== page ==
How many times have you heard your manager ask this question: “What happens to the schedule, resource needs and costs if we don’t do a specific task?”.
In previous versions of Project you could delete the task and try to compare the schedule and costs before and after, but you’d have to re-enter all of the task and resource data again. In Project 2010 Professional, all you have to do is Inactivate the task. The purpose of this feature is to help answer the “What If” question with the least pain possible.
The “Inactivate” button is found in the Schedule group on the Task tab. When a task is inactivated, it is excluded from the schedule and its resource assignments are excluded as well. You can still see the inactive task so that it can be reactivated later if you change your mind.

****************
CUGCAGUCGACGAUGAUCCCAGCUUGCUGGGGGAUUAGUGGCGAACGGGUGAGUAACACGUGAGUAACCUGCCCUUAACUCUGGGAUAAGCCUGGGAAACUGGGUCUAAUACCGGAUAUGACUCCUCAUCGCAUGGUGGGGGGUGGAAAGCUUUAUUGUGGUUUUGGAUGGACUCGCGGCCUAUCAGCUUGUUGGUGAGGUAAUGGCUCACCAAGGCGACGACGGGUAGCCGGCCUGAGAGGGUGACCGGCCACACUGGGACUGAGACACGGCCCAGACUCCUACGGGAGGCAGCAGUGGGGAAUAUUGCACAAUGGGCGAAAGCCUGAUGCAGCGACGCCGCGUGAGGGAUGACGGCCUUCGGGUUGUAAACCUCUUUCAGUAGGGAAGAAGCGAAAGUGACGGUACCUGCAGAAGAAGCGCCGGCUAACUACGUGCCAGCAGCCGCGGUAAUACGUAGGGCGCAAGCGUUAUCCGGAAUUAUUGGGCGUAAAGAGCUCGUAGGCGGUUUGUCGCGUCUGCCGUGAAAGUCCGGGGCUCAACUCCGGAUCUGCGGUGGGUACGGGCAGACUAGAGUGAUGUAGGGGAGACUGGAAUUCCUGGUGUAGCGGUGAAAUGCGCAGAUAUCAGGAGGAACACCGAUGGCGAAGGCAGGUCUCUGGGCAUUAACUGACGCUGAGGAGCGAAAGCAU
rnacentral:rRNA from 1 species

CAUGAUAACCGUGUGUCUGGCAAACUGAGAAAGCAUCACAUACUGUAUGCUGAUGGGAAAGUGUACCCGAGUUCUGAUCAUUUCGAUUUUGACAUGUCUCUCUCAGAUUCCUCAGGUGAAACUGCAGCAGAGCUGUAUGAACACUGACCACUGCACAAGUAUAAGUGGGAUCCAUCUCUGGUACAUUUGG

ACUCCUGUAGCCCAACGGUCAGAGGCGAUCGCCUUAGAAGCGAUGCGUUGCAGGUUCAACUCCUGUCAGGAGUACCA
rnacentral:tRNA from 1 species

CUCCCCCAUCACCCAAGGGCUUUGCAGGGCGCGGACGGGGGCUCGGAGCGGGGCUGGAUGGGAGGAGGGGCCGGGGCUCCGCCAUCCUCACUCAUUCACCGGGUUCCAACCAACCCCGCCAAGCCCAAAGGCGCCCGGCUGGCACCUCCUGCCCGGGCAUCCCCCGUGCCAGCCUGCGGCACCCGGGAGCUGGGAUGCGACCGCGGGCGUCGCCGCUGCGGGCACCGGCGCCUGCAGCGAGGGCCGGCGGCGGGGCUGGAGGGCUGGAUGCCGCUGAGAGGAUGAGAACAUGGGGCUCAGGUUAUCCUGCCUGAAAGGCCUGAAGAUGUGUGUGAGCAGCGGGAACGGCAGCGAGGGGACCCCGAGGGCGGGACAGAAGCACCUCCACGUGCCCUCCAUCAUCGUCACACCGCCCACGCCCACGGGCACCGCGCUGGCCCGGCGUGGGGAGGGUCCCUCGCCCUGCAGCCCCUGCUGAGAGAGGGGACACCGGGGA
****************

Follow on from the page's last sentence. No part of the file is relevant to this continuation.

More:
In the figures below I have a model for a remote training project that includes a little sightseeing. Since the work schedule after the trip dictates whether the sightseeing can occur, the task “Sightseeing Activities” is expendable. It isn’t a requirement for the training. The top figure illustrates that the trip will take 8 days if sightseeing is included. In the bottom figure, sightseeing has been Inactivated which shortens the trip to 4 days. The cost is also cut, so you can see the effect of inactivation on both schedule and cost!
In this example, I have used Auto Scheduled activities, modified the Project Calendar, and used sequencing techniques to illustrate the concept. I’ve not answered other questions you may have on this subject like “What happens to the project schedule if the tasks are Manually Scheduled?”. Or “Do Projects’ Options come into play here?”
Well, those are deeper and more complex questions – more suitable for a Webinar. Stay tuned!